3 months ago3 mins

It Feels Like Banks Are Stress-Testing Us Now

It Feels Like Banks Are Stress-Testing Us Now

3 months ago3 mins

It Feels Like Banks Are Stress-Testing Us Now

No one who remembers the global financial crisis of 2008-09 or the European banking crisis a few years later will be sitting comfortably after the turmoil of the past week.

🕰 Recap

  • It all kicked off at the end of last week when, seemingly out of nowhere, three West Coast banks went belly-up. Read our story
  • US authorities stepped in to guarantee Silicon Valley Bank’s customer deposits and provide liquidity to all, calming things down. Then the postmortems began. Read our story
  • But it wasn’t (and still isn’t, in fact) over. All eyes switched across the pond to Europe's banking sector and one particularly troubled Swiss giant. Read our story

✍️ Connecting The Dots

It seemed like everyone this week became a bank analyst, well-versed in fancy terms like available-for-sale or held-to-maturity assets. It’s no laughing matter, of course, but you might crack a wry smile at this newfound expertise, considering no one had even heard of Silicon Valley Bank (SVB) just a few days before. But that tends to be the nature of crises or mini-crises. They cause panic precisely because people don’t see them coming, leaving everyone scrambling to understand what just happened.

But there’s a comforting factor hidden in this too. SVB’s issues at least seem straightforward (an overly concentrated client base, poor risk management, and a run on deposits). The global financial crisis of 2008-09 was a complete mess by comparison: to fully wrap your arms around it, you needed to get up to speed on highly complex things like collateralized debt obligations. And that took a long time. It’s part of the reason why it took the Federal Reserve (the Fed) and its sister authorities months to come up with a solution – the troubled asset relief program (TARP). By then, major banks had endured failures, receiverships, or fire-sales, and the world was staring down a deep recession.

So the fact that US authorities put together a rescue package for SVB’s depositors and offered support for the entire banking system in a matter of hours could be taken as a sign that the core issues here aren’t that complicated, and by extension should (hopefully) be easily resolved. Keep in mind, though, that kind of optimism is relatively common ahead of any major crisis.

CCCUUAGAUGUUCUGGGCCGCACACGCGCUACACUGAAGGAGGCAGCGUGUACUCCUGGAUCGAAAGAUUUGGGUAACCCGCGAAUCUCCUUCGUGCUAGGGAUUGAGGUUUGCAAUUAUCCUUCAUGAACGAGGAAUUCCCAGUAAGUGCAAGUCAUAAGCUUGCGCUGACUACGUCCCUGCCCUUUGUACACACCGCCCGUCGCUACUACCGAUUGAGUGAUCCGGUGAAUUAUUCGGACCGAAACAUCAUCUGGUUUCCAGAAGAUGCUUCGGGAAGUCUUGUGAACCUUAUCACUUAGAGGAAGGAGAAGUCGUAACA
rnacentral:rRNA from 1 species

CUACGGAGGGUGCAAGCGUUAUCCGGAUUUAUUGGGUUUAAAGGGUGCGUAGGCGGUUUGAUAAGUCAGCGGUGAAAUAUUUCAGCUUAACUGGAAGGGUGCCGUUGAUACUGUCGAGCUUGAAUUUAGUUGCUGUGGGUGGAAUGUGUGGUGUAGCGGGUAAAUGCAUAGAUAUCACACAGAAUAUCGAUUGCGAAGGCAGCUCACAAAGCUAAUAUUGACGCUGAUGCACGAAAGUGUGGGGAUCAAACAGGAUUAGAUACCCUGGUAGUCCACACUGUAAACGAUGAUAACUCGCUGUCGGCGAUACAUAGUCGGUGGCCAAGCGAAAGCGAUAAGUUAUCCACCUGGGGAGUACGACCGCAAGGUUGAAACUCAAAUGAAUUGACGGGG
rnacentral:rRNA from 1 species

🥡 Takeaways

1. Smoke signals.

Mind you, smoke’s still billowing out of the European banking sector, leaving investors wondering whether there might be a raging inferno inside. At the center is the long-troubled lending giant Credit Suisse. Now, the bank had issues long before SVB collapsed and filed for Chapter 11 bankruptcy protection, but somehow the West Coast bank’s dramatic failure has people biting their nails about the entire European banking sector, fearful of ripple effects should Credit Suisse go under. So, it looks like this is an old-fashioned confidence crisis, and banks (more than anyone) do rely on their customers’ confidence. So is the writing on the wall for the Swiss giant?

2. Brave face.

The timing couldn’t have been much worse for the Fed and the European Central Bank (ECB), both having their latest interest rate decisions to contend with. On Thursday, the ECB stuck to what was believed to be the plan, hiking rates by half a percentage point, exuding an air of calm. And that could be smart PR. See, not raising rates in the midst of an inflation storm would have signaled it’s more worried about the banking sector than it is about price rises, and that might’ve created even more panic. Let’s see if the Fed does the same when it meets next week…

🎯 Also On Our Radar

Microsoft’s been, ahem, chatting up investors again as it showcased some of ChatGPT’s latest tricks. It’s recently embedded the chatbot into Microsoft’s core Office products, like Excel and PowerPoint. It's clear that the Seattle software giant is in a hurry to get artificial intelligence (AI) into everyone’s lives before anyone else can. And it’s doing its share price no harm in the process.

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